Before a federal judge decides if it’s A-OK for AOC to block nettlesome Twitter followers, he wants to hear from Rep. Alexandria Ocasio-Cortez — and not via the internet.
“I think she has to testify here,” declared Brooklyn Federal Judge Frederic Block during a Thursday hearing in the lawsuit brought by ex-politician Dov Hikind over his ban from AOC’s feed.
Block, after seeing hundreds of pages of tweets entered into evidence, said he believed hearing from the freshman member of Congress was necessary to decide whether to toss the suit or let the case proceed. Ocasio-Cortez boasts a staggering 5.4 million Twitter followers — even without Hikind.
The former state Assemblyman took on the media-savvy Ocasio-Cortez when she gave him the Twitter boot in a spat over her description of federal immigration detention centers as “concentration camps.” He griped that AOC was violating his First Amendment rights, citing a recent decision declaring President Trump’s blocking of Twitter trolls was unconstitutional.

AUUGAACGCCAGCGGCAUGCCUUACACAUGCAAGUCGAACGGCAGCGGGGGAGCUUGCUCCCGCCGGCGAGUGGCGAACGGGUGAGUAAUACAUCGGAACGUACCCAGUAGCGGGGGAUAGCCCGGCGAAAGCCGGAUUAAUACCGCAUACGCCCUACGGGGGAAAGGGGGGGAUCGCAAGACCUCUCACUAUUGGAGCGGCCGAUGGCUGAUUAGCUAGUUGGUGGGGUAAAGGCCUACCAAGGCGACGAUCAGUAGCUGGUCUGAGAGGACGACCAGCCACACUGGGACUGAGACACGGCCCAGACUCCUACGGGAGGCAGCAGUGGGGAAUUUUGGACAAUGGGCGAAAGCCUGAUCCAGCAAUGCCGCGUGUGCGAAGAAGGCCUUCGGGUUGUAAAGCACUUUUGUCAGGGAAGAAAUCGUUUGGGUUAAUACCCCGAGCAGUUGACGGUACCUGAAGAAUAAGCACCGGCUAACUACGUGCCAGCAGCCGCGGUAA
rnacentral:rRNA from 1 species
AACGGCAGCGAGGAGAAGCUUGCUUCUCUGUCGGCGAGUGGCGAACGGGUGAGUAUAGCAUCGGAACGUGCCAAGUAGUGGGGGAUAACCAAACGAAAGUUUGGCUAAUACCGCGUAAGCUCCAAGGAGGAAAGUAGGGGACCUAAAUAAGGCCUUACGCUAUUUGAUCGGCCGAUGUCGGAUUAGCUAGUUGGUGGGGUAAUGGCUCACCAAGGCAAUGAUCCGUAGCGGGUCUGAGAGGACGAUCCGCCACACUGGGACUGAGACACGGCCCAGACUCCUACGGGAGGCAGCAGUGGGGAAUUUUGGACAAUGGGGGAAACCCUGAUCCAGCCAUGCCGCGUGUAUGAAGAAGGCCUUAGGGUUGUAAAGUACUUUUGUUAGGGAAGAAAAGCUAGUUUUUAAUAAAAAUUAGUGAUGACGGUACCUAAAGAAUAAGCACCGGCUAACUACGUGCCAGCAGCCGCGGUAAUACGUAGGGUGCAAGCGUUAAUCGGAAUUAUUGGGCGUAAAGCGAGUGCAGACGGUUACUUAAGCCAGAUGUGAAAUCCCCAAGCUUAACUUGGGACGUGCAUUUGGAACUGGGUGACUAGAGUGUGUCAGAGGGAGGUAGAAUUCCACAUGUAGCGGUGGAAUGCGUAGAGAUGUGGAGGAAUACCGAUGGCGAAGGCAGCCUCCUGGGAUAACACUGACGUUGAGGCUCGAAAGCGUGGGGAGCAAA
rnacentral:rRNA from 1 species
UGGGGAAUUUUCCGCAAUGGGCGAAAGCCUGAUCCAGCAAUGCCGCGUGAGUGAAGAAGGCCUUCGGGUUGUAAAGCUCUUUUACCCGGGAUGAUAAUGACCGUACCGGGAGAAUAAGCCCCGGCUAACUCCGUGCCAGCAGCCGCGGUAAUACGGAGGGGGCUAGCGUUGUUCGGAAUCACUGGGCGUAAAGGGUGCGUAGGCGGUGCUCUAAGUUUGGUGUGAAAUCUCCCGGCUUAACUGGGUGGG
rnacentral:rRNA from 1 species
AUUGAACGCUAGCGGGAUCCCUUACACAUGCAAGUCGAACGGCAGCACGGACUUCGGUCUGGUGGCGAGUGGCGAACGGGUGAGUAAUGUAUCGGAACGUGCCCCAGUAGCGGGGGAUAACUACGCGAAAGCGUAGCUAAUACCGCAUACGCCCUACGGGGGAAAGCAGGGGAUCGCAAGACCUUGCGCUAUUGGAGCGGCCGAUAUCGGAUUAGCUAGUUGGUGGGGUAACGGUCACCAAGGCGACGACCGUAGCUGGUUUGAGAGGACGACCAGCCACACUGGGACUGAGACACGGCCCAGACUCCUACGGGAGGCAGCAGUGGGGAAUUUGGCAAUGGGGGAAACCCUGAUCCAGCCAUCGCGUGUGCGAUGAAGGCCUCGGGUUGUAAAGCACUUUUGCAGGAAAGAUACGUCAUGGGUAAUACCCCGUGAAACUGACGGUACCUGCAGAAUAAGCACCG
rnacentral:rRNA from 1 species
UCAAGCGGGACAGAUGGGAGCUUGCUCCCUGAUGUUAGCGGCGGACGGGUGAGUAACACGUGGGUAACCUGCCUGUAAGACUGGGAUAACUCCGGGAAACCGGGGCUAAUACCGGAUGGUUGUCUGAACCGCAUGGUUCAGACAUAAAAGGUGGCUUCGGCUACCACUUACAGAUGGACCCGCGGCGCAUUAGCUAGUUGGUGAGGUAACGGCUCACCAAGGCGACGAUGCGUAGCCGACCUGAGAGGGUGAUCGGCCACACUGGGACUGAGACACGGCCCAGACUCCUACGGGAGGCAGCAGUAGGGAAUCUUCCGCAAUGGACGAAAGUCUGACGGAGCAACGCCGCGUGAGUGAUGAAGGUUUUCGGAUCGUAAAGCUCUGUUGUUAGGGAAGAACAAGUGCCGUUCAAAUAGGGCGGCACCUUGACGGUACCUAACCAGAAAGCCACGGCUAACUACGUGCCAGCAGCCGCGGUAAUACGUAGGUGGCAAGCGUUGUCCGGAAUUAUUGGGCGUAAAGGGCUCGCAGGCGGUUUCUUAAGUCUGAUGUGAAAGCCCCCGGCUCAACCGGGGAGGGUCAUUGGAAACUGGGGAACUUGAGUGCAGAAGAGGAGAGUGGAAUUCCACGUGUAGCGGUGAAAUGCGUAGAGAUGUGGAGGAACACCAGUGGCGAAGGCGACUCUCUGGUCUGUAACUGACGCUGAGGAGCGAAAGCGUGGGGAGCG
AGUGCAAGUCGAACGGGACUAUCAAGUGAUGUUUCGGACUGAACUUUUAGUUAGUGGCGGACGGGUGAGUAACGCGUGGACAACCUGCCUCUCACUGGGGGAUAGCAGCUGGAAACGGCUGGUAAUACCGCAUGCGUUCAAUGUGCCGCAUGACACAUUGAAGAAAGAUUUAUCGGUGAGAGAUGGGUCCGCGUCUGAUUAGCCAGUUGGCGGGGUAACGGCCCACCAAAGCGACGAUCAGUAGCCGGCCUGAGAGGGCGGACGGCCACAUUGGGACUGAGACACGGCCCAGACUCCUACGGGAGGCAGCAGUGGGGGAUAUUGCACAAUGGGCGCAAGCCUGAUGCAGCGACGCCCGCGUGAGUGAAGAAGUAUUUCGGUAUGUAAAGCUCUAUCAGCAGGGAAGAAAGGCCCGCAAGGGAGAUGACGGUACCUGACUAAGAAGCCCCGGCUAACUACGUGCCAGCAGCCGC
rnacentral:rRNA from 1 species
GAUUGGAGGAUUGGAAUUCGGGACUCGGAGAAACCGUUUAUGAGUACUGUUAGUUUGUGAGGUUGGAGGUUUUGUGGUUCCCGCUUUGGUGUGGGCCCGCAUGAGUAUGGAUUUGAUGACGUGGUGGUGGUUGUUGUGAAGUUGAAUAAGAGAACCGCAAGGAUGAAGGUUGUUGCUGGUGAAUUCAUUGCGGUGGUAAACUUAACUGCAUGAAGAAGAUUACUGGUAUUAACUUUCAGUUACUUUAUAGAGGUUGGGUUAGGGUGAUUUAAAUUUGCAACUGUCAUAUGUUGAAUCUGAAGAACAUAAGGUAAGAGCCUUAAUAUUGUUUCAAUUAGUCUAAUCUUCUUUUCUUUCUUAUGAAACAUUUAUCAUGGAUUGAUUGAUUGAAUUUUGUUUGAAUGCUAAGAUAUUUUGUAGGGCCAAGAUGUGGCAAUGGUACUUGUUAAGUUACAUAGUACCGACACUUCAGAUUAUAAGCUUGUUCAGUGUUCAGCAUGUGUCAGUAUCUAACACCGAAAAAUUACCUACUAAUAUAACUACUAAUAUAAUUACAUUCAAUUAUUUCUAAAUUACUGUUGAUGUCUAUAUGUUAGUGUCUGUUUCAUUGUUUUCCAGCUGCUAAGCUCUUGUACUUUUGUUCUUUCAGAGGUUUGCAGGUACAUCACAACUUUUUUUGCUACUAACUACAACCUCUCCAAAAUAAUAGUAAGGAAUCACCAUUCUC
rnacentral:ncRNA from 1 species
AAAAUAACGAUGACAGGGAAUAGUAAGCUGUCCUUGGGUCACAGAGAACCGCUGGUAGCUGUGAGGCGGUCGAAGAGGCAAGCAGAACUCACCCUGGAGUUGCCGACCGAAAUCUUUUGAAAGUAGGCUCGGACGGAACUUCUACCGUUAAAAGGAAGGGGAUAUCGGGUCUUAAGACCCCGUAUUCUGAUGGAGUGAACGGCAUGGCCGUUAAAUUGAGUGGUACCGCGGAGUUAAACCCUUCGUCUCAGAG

Hikind testified Thursday that he doesn’t personally send the tweets in his account — one of his staffers handles the “clicking” once he’s taken care of “the wording.” There was also discussion about the difference between AOC’s two Twitter accounts: One government-issued, the other her personal/campaign feed.
Lawyers for AOC also noted that Hikind did not live in her Bronx-Queens district, but rather in the Manhattan-Brooklyn area represented by Jerrold Nadler.
“So you’re not a constituent of Congresswoman Ocasio-Cortez?” asked her attorney Joseph Sandler.
“I’m a citizen of the United States,” he replied.
“So you’re not directly ...” continued Sandler.
“Not technically, yes,” said Hikind.
Block did assure both sides that his decision won’t be released in the 140-character format,.
“I don’t think I will,” he said. “I’m afraid to use it. I haven’t posted anything on it. It scares me.”